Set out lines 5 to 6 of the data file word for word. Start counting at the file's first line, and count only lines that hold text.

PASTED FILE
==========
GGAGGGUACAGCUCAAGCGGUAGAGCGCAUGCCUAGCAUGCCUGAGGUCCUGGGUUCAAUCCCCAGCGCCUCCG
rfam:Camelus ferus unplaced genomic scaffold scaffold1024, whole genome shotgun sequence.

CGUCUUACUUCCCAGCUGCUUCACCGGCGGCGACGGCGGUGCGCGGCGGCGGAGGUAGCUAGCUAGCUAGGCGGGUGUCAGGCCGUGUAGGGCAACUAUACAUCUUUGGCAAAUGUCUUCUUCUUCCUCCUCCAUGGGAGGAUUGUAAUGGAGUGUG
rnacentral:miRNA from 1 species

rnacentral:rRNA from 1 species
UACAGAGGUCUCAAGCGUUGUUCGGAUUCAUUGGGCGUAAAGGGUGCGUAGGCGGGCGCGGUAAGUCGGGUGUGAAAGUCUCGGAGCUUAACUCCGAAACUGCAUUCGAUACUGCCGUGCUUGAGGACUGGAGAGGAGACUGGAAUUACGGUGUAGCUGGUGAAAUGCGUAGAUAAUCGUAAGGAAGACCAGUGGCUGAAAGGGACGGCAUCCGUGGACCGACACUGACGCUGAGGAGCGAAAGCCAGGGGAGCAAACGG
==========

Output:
rnacentral:rRNA from 1 species
UACAGAGGUCUCAAGCGUUGUUCGGAUUCAUUGGGCGUAAAGGGUGCGUAGGCGGGCGCGGUAAGUCGGGUGUGAAAGUCUCGGAGCUUAACUCCGAAACUGCAUUCGAUACUGCCGUGCUUGAGGACUGGAGAGGAGACUGGAAUUACGGUGUAGCUGGUGAAAUGCGUAGAUAAUCGUAAGGAAGACCAGUGGCUGAAAGGGACGGCAUCCGUGGACCGACACUGACGCUGAGGAGCGAAAGCCAGGGGAGCAAACGG